The term diopter (Greek dioptra, from diá = through and opteuo = I observe) denotes any instrument fitted with one or more perforated sights through which observations can be performed.
Before the dissemination of Islamic astronomy in late medieval Europe provided a specific term, diopter also designated the alidade, i.e., the small revolving rod (Arabic al-'idada) pivoting on the center of the goniometric scale engraved on the front or back of many ancient astronomical and surveying instruments. Two pinnules, called sights or pointers, are attached at right angles to the alidade. They are fitted with holes for aiming at a selected object. An index—often consisting of the edge of the alidade itself—shows on the goniometric scale the angle between the line of sight to the targeted object and a predetermined direction. With astrolabes, for example, the preset direction is the vertical of the observation locality.
In his Mathematical Syntax, or Almagest, Claudius Ptolemy (2nd C. C.E.) credits Hipparchus of Nicaea (2nd C. B.C.E.) with the invention of an instrument, called diopter, for measuring the apparent diameters of the Sun and Moon. Pappus of Alexandria (4th C. C.E.), in his Comment on the fifth book of the Almagest, describes the diopter as a grooved guide four cubits (c. two meters) long, fitted with two rectangular pinnules. The first, fastened to one end of the guide, carries an observation pinhole; the second, which slides along the groove, has no pinholes. When the instrument has been aimed, the sliding pinnule is moved back and forth until it covers the disk of the Sun or Moon exactly. From the ratio of the diameter of the sliding pinnule to its distance from the fixed pinnule, one can determine the angle subtended by the celestial body.
Despite Ptolemy's account and some minor structural differences, the instrument was already known to Archimedes of Syracuse (287-212 B.C.E), who, in the Arenarius [Sand-reckoner], states that he used it to measure the Sun's apparent diameter.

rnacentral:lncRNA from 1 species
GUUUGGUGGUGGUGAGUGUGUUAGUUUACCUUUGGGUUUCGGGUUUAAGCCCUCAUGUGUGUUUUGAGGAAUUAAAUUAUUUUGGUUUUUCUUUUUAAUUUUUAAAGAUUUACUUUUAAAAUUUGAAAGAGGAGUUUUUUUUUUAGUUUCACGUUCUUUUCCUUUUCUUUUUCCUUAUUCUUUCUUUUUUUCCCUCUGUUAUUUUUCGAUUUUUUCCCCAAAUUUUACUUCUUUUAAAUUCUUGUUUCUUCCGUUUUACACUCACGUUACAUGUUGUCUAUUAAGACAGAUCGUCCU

In a work entitled Diopter, Hero of Alexandria (1st C. C.E.) describes a portable instrument—a useful application of the cogwheel, screw, and water level—for taking terrestrial and astronomical measurements.
A disk and pivot are fixed coaxially to a pillar stand. The pivot carries a cylinder with a cogwheel attached to its base. A screw with a thread intersected by a longitudinal cavity blocks the cogwheel from the disk if it meshes with the cogwheel, or lets the cogwheel rotate freely if the cavity is facing it. Two accessories were placed over the cylinder in alternation:
1 - a sighting device. An alidade rotates at the center of the top side of a circular metal plate, whose rim is divided into 360°. On a diameter of the lower side of the plate, a half-cogwheel is fastened at a 90° angle. A second grooved screw, attached to the rotating cylinder, blocks the tilt of the half-wheel if the two parts mesh, or enables it to tilt on the horizon if the cavity is facing it. To perform an observation, the user freed the screws. After removing the alidade, the user would turn the graduated plate until it became complanar with the two distant objects whose angular separation was to be measured. The plate's position was then blocked with the two screws, the alidade was reinserted, and the two objects were aimed at in succession. The final step was to compute the difference between the degrees read for each object.
2 - a water level. A U-shaped bronze tube, housed in a wooden rule and filled with water, was terminated at either end by a small upright glass pipe. Two pinnules, whose height could be adjusted with screws, were placed behind each pipe. By aligning the slits in the pinnules with the water surface in the pipes, one obtained a horizontal line of sight with which to aim at distant objects lying at the same level as the observer.
Because of some similarities, Hero's diopter is usually recognized as the ancestor of the modern theodolite.